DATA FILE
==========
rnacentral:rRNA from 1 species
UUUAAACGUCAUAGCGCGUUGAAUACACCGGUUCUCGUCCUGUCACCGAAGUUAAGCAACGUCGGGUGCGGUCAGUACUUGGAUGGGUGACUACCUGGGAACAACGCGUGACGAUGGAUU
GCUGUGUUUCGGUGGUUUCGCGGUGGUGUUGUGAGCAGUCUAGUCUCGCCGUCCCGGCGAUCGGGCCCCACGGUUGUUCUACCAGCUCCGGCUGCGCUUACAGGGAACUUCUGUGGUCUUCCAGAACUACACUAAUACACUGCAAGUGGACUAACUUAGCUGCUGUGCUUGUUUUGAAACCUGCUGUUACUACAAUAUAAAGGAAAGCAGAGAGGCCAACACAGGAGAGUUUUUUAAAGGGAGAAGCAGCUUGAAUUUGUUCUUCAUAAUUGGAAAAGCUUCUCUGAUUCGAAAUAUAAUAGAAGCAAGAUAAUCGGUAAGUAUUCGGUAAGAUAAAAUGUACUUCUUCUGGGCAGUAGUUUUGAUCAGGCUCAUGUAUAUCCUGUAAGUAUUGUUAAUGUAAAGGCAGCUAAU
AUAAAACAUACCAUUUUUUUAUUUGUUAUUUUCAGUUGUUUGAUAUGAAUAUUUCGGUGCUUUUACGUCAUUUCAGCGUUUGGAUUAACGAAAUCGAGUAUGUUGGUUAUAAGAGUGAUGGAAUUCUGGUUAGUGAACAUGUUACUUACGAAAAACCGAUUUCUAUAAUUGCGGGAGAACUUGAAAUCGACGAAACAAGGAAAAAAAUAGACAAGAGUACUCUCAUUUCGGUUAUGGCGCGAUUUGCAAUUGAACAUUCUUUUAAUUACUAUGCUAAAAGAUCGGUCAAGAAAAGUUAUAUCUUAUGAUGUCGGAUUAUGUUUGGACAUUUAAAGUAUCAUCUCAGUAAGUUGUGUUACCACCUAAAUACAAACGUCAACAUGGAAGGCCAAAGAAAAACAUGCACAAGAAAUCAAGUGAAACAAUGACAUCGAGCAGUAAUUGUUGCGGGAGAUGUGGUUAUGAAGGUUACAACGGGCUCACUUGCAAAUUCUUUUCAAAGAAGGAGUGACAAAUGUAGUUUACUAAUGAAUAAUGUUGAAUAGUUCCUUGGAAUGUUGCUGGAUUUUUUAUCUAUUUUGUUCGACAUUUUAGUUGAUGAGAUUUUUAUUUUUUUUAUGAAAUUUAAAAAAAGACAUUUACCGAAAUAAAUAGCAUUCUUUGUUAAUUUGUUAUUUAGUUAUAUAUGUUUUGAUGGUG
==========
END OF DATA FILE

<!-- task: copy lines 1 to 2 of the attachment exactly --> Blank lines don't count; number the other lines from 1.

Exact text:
rnacentral:rRNA from 1 species
UUUAAACGUCAUAGCGCGUUGAAUACACCGGUUCUCGUCCUGUCACCGAAGUUAAGCAACGUCGGGUGCGGUCAGUACUUGGAUGGGUGACUACCUGGGAACAACGCGUGACGAUGGAUU